Hanging the door

Despite it being a bank holiday and there being an extra day to the weekend, I didn’t really get a lot done this weekend. At least not that you can see. I did go out and buy quite a lot of stuff for the next phase of building, and after that I took care of hanging the door that I made last weekend.

This turned out to be easier than I had thought it would be. Imagine the challenge – hang a door that’s as tall and wide as you are, on a frame, with limited space to manoeuvre, on your own. I wasn’t relishing it. But in the end it wasn’t hard at all.

The key to the successful operation was buying some loose-pin butt hinges from B&Q. Loose-pin hinges do what you’d expect – you can remove the hinge pin and separate the two halves of the hinge. I located the hinges in place on the a-frame, screwed each of them down, and then put the door in place, marking the spots where the hinges needed to be fastened. Then I removed the door, unpinned the hinges, and screwed the other halves to the side of the door. Push the door back into place, the hinge halves pop together, and you drop in the pin. Of course, it wasn’t absolutely that simple. I had to deal with the hinges not closing properly because the screws I was using were not flush with the hinge plates, necessitating a swap-out of screws; one hinge place was a tiny fraction of a mm off, stopping the pin from dropping in – a hammering took care of that; and then, worst of all, I discovered that the door itself didn’t actually fit, at least once the extra width of the hinge plates was taken into account.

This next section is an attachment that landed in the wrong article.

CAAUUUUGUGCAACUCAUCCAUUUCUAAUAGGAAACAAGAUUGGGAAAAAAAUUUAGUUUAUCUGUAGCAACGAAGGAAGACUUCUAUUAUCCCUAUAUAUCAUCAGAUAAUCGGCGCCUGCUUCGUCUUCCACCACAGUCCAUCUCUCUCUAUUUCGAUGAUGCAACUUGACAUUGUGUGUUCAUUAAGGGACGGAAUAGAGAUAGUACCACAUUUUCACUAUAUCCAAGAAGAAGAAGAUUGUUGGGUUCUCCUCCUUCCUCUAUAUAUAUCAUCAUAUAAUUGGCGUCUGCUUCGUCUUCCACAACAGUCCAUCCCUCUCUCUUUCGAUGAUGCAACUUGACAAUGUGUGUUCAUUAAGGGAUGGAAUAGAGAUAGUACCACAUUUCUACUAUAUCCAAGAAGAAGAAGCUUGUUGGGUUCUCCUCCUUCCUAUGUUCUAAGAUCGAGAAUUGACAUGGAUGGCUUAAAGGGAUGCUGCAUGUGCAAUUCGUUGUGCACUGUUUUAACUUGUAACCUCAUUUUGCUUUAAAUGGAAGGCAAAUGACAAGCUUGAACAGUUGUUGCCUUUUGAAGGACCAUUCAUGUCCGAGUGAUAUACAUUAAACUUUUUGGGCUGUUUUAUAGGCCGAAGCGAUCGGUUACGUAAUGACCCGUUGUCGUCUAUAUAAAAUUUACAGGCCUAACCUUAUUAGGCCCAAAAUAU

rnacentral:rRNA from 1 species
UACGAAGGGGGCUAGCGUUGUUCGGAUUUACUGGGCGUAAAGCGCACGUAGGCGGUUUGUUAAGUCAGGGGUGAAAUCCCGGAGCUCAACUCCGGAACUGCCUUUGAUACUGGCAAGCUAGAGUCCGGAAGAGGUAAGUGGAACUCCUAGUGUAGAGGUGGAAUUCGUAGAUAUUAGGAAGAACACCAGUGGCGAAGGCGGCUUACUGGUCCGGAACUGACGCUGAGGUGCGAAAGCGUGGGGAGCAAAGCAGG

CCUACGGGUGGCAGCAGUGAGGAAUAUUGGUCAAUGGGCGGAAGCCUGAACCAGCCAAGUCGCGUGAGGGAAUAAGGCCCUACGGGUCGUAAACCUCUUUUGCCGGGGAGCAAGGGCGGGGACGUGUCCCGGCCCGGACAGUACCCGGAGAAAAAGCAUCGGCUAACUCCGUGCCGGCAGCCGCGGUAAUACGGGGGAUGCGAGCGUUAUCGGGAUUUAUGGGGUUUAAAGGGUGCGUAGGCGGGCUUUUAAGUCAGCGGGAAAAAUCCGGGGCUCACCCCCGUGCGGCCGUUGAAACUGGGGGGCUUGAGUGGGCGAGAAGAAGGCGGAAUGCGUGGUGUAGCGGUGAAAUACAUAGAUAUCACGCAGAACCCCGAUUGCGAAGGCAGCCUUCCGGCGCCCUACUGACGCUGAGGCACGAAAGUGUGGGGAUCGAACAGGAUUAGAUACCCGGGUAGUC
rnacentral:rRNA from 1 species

First hinge in place - note the floating hinge pin

I knew going in that the hole wasn’t absolutely straight – the front a-frame leans back a couple of degrees – and I had anticipated and built the door with this in mind, but even so I was a few mm off. Never mind. The frame was sufficiently bendy that I could move it in a few mm, cut back the plywood on top, and finally get the door in place.

Oops! The door doesn't quite fit the hole


The door in place on its hinges

Next stop was securing it in place. To do this I’d bought a couple of magnetic catches, of the kind you often find in kitchen cupboards. A baton screwed to the door frame straddles the gap between door and a-frame, and in that gap I was able to attach the magnetic plates. With this mechanism in place the door is held shut securely.

The magnetic door catch (1 of 2)

Last, but not least, was the small matter of putting on a handle. I used a handle intended for a drawer-front, which, given that the door itself is really light, is more than sturdy enough.

Stick a handle on it, it's done

So there you have it – a door that looks like a wall on the inside. Detailing and filling remains to be done, as with all of the shell so far, but at least the sim is now enclosed on three sides.

Next time, I’ll try to see if I can stretch an entire post out of having ‘a bit of a tidy’. Stay tuned 🙂